SEOUL, Mar. 27 (Korea Bizwire) — The Korean Gastric Cancer Association (KGCA) is helping Mongolia fight cancer through business agreements that will see advanced medical technology applied in the country with the second highest rate of gastric cancer in the world.
The KGCA will continue its efforts to spread awareness and help teach medical technology to developing countries until all human beings are safe from stomach cancer, the organization announced in its ambitious plans at Korea International Gastric Cancer Week (KINGCA), which ended last weekend in Busan.
While South Korea has the misfortune of having the highest rate of gastric cancer in the world, South Korean medical experts have been at the forefront of the fight against the stomach disease, and developing countries with a less-sophisticated medical system like Mongolia stand to benefit significantly from their knowledge and advice.
Last month, a number of KGCA officials visited Mongolia to meet with government officials and medical experts and discuss possible measures on a national level to prevent the spread of the deadly type of cancer both countries suffer the most from.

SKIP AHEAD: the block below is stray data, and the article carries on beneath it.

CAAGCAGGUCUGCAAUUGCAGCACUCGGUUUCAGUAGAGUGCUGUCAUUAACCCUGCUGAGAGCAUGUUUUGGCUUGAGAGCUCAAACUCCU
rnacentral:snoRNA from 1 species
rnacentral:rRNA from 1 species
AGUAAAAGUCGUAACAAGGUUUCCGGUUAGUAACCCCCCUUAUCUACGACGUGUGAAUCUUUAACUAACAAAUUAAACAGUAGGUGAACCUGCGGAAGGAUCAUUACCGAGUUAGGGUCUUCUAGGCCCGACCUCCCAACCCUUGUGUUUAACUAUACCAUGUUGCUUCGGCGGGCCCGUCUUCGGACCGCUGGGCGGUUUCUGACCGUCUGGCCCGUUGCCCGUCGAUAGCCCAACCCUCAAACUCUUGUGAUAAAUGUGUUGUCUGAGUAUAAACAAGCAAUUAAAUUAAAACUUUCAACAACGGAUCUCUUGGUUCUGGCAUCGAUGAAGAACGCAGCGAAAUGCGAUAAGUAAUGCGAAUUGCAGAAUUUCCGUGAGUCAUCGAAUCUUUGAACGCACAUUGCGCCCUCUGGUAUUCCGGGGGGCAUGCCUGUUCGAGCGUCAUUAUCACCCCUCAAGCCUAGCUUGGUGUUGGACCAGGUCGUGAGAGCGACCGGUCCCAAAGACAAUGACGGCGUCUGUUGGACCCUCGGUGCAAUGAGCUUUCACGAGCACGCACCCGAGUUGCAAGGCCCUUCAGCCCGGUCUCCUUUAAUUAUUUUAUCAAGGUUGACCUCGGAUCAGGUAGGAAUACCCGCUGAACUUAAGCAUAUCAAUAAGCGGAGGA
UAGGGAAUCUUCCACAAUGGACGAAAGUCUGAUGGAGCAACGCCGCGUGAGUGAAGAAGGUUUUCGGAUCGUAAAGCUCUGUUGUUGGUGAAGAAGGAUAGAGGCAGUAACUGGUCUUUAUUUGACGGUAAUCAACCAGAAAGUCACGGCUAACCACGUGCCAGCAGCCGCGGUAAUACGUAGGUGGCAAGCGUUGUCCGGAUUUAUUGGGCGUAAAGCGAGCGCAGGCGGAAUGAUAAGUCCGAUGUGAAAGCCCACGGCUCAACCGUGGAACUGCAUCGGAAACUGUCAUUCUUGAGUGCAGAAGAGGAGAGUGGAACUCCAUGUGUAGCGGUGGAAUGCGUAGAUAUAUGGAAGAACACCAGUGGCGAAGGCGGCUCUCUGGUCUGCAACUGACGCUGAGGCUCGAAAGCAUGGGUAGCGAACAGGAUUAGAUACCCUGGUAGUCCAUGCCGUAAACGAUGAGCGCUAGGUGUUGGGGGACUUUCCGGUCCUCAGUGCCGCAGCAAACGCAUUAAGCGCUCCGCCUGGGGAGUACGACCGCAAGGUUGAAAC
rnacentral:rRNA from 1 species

Kim Sung-guen, director of general affairs at the KGCA, said “The salt and butter that goes into the making of Mongol’s much loved milk tea is believed to be one of the major factors behind the country’s high rate of gastric cancer. However, most patients start receiving treatment in advanced stages due to their inadequate medical system.
“To solve these issues, (our committee) emphasized the importance to the Mongolian government of having a government-backed checkup service. We expect they will follow in the footsteps of South Korea,” Kim added.
The KGCA also facilitated the establishment of a new collaborative gastric cancer association consisting of Mongolian and South Korean medical experts, through which medical technology and knowledge will be shared between the two countries.
Enkh-Amgalan, a professor at Intermed Hospital Mongolia who attended KINGCA, said, “In Mongolia, gastric cancer patients resort to surgery as most of them present with advanced disease. However, (the convention) has been helpful since there was a lot to learn from South Korean medical experts such as laparoscopic resection.”
Chairman of the board Han-Kwang Yang said, “We entered into a business agreement with Mongolia’s gastric cancer association to help better their medical system by sharing South Korea’s advanced medical technology in gastric cancer treatment.”
Chairman Yang also made a resolution to spread South Korea’s technology in gastric cancer treatment to other developing countries in the future.